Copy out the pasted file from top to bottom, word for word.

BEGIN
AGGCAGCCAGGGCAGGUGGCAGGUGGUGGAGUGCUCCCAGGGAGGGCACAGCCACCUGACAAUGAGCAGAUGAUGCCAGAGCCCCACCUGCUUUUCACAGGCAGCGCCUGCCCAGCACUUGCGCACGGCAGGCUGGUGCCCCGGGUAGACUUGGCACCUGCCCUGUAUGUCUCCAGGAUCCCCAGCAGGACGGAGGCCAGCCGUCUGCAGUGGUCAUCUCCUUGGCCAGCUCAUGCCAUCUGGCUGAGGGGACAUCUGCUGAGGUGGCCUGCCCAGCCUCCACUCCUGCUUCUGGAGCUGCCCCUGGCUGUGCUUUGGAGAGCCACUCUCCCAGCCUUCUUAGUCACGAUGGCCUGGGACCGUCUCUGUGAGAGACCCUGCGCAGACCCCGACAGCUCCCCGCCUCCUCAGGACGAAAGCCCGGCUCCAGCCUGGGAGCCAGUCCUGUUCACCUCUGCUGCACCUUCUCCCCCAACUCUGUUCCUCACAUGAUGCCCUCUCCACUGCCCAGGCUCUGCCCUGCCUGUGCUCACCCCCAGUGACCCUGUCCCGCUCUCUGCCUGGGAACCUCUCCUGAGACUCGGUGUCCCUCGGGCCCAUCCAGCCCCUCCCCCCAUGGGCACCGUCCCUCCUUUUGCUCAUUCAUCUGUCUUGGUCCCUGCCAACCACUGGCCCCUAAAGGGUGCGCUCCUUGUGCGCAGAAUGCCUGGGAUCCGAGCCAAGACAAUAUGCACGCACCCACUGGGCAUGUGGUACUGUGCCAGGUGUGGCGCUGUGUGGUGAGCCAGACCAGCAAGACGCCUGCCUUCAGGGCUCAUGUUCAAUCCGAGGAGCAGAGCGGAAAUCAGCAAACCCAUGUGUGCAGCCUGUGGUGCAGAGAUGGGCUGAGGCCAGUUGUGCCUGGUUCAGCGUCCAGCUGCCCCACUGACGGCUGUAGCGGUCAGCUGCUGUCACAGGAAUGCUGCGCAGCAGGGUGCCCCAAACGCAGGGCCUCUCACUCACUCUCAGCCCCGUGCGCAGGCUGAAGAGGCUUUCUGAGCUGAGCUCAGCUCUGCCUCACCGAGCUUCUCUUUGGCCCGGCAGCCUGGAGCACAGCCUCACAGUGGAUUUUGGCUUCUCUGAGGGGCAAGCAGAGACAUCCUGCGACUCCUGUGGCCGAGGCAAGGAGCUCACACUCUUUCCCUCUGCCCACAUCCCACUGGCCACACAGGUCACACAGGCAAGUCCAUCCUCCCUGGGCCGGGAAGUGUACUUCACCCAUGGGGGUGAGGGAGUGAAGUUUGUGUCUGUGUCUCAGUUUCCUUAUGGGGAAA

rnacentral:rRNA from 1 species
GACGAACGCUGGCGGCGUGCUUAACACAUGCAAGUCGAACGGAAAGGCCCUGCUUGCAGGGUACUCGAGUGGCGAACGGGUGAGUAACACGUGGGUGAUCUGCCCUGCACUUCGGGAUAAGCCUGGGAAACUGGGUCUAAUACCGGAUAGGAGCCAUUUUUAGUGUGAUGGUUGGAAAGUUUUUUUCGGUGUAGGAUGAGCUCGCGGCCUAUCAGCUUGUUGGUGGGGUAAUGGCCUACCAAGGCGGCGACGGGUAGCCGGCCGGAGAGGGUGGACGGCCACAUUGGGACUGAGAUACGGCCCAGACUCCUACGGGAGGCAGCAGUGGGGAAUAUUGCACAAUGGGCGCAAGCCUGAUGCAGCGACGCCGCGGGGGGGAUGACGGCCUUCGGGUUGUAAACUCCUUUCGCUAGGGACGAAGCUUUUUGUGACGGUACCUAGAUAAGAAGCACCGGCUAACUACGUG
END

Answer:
AGGCAGCCAGGGCAGGUGGCAGGUGGUGGAGUGCUCCCAGGGAGGGCACAGCCACCUGACAAUGAGCAGAUGAUGCCAGAGCCCCACCUGCUUUUCACAGGCAGCGCCUGCCCAGCACUUGCGCACGGCAGGCUGGUGCCCCGGGUAGACUUGGCACCUGCCCUGUAUGUCUCCAGGAUCCCCAGCAGGACGGAGGCCAGCCGUCUGCAGUGGUCAUCUCCUUGGCCAGCUCAUGCCAUCUGGCUGAGGGGACAUCUGCUGAGGUGGCCUGCCCAGCCUCCACUCCUGCUUCUGGAGCUGCCCCUGGCUGUGCUUUGGAGAGCCACUCUCCCAGCCUUCUUAGUCACGAUGGCCUGGGACCGUCUCUGUGAGAGACCCUGCGCAGACCCCGACAGCUCCCCGCCUCCUCAGGACGAAAGCCCGGCUCCAGCCUGGGAGCCAGUCCUGUUCACCUCUGCUGCACCUUCUCCCCCAACUCUGUUCCUCACAUGAUGCCCUCUCCACUGCCCAGGCUCUGCCCUGCCUGUGCUCACCCCCAGUGACCCUGUCCCGCUCUCUGCCUGGGAACCUCUCCUGAGACUCGGUGUCCCUCGGGCCCAUCCAGCCCCUCCCCCCAUGGGCACCGUCCCUCCUUUUGCUCAUUCAUCUGUCUUGGUCCCUGCCAACCACUGGCCCCUAAAGGGUGCGCUCCUUGUGCGCAGAAUGCCUGGGAUCCGAGCCAAGACAAUAUGCACGCACCCACUGGGCAUGUGGUACUGUGCCAGGUGUGGCGCUGUGUGGUGAGCCAGACCAGCAAGACGCCUGCCUUCAGGGCUCAUGUUCAAUCCGAGGAGCAGAGCGGAAAUCAGCAAACCCAUGUGUGCAGCCUGUGGUGCAGAGAUGGGCUGAGGCCAGUUGUGCCUGGUUCAGCGUCCAGCUGCCCCACUGACGGCUGUAGCGGUCAGCUGCUGUCACAGGAAUGCUGCGCAGCAGGGUGCCCCAAACGCAGGGCCUCUCACUCACUCUCAGCCCCGUGCGCAGGCUGAAGAGGCUUUCUGAGCUGAGCUCAGCUCUGCCUCACCGAGCUUCUCUUUGGCCCGGCAGCCUGGAGCACAGCCUCACAGUGGAUUUUGGCUUCUCUGAGGGGCAAGCAGAGACAUCCUGCGACUCCUGUGGCCGAGGCAAGGAGCUCACACUCUUUCCCUCUGCCCACAUCCCACUGGCCACACAGGUCACACAGGCAAGUCCAUCCUCCCUGGGCCGGGAAGUGUACUUCACCCAUGGGGGUGAGGGAGUGAAGUUUGUGUCUGUGUCUCAGUUUCCUUAUGGGGAAA

rnacentral:rRNA from 1 species
GACGAACGCUGGCGGCGUGCUUAACACAUGCAAGUCGAACGGAAAGGCCCUGCUUGCAGGGUACUCGAGUGGCGAACGGGUGAGUAACACGUGGGUGAUCUGCCCUGCACUUCGGGAUAAGCCUGGGAAACUGGGUCUAAUACCGGAUAGGAGCCAUUUUUAGUGUGAUGGUUGGAAAGUUUUUUUCGGUGUAGGAUGAGCUCGCGGCCUAUCAGCUUGUUGGUGGGGUAAUGGCCUACCAAGGCGGCGACGGGUAGCCGGCCGGAGAGGGUGGACGGCCACAUUGGGACUGAGAUACGGCCCAGACUCCUACGGGAGGCAGCAGUGGGGAAUAUUGCACAAUGGGCGCAAGCCUGAUGCAGCGACGCCGCGGGGGGGAUGACGGCCUUCGGGUUGUAAACUCCUUUCGCUAGGGACGAAGCUUUUUGUGACGGUACCUAGAUAAGAAGCACCGGCUAACUACGUG